Preciosa de Joya's work focuses on Southeast Asian philosophy and intellectual history. She has a degree in philosophy from Ateneo de Manila University (MA on Walter Benjamin, 2006) and Southeast Asian Studies from the National University of Singapore (PhD thesis ‘In Search of Filipino Philosophy’, 2013). She is currently a lecturer at the Singapore University of Social Sciences after having taught at Ateneo de Manila for a number of years.

Ewa Majewska is a feminist philosopher of culture. She received her PhD from the University of Warsaw and has taught at the University of Warsaw, the Jagiellonian University in Cracow, and the Academy of Art in Szczecin. She has been a postdoctoral fellow at the Institute of Human Sciences (IWM) in Vienna (2013–14) and at the ICI Berlin (2014–16, 2019–20). She has published many articles in, among others, e-flux, Signs, Third Text, and Jacobin, as well as numerous books, among them Feminist Antifascism: Counterpublics of the Common (2021). She recently contributed to Unchaining Solidarity: On Mutual Aid and Anarchism with Catherine Malabou (2021).

Clara Masnatta received a PhD from Harvard University and the Humboldt-Universität zu Berlin. She is an independent curator, scholar, and author based in Berlin and Buenos Aires. She is the author of Gisèle Freund: Photography on the Stage (2022, forthcoming) and has contributed to ‘Disassembled Images’: Allan Sekula and Contemporary Art (2019); La cámara como método. La fotografía moderna de Grete Stern y Horacio Coppola (2021); About Raymond Williams (2010); and the publication for Rinko Kawauchi’s retrospective at the Kunst Haus Wien in 2015. She curated the exhibition Gisèle Freund: Exposición-Espectáculo at the Museo Sívori in Buenos Aires, in cooperation with the IMEC, Institut Français, and INA in France. Masnatta was a fellow at the ICI Berlin (2014–16, affiliated 2016–18). She was a guest curator at the Museum of Modern Art of Buenos Aires (2014–17) and is currently associated with the Museo Evita — Instituto Nacional de Investigaciones Históricas Eva Perón.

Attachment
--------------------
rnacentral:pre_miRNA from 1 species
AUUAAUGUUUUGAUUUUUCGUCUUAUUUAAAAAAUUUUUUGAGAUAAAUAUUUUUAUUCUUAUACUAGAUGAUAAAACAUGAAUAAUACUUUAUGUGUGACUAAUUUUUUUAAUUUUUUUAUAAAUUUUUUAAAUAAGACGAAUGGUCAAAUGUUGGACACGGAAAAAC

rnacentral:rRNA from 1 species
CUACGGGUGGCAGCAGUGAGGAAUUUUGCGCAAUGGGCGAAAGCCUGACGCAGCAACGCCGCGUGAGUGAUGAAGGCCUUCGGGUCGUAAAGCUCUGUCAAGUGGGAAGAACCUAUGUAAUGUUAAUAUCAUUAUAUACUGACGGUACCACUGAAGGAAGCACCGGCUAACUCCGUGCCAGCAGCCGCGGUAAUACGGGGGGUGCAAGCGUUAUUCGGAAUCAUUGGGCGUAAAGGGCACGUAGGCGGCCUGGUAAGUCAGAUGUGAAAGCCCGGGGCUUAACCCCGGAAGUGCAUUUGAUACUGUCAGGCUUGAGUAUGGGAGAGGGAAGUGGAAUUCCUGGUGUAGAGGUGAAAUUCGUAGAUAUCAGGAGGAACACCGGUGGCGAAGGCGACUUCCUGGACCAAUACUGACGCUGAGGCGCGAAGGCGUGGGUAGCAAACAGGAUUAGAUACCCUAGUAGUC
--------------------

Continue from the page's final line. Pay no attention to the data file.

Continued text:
Arnd Wedemeyer earned his PhD from the Humanities Center at Johns Hopkins University, and taught at Princeton and Duke University before joining the ICI Berlin, as fellow, then as senior researcher, and finally as the founding editor of ICI Berlin Press. His research focuses on continental philosophy, comparative literature, and art and cultural history. He has published on Kant, Kafka, Jacob Taubes and Carl Schmitt, Jorge Luis Borges and Mynona, Joseph Beuys and Catherine Malabou. He has co-edited Re-: An Errant Glossary (2018), Claude Lefort, Dante’s Modernity: An Introduction to the ‘Monarchia’. With an Essay by Judith Revel (2020), and Weathering: Ecologies of Exposure (2020).

Zairong Xiang is the author of Queer Ancient Ways: A Decolonial Exploration (2018) and assistant professor of comparative literature and associate director of art at Duke Kunshan University. He was chief curator of the ‘minor cosmopolitan weekend’ at Berlin’s Haus der Kulturen der Welt and edited its catalogue minor cosmopolitan: Thinking Art, Politics, and the Universe Together Otherwise (2020). His research intersects feminisms and queer theories, literary and visual studies, philosophical and religious inquiries in their decolonial variants in Spanish, English, Chinese, French, and Nahuatl. A member of the Hyperimage Group, he co-curated the 2021 Guangzhou Image Triennial. His current projects deal with the concepts of ‘transdualism’ and ‘shanzhai/counterfeit’ in the Global South, especially Latin America and China.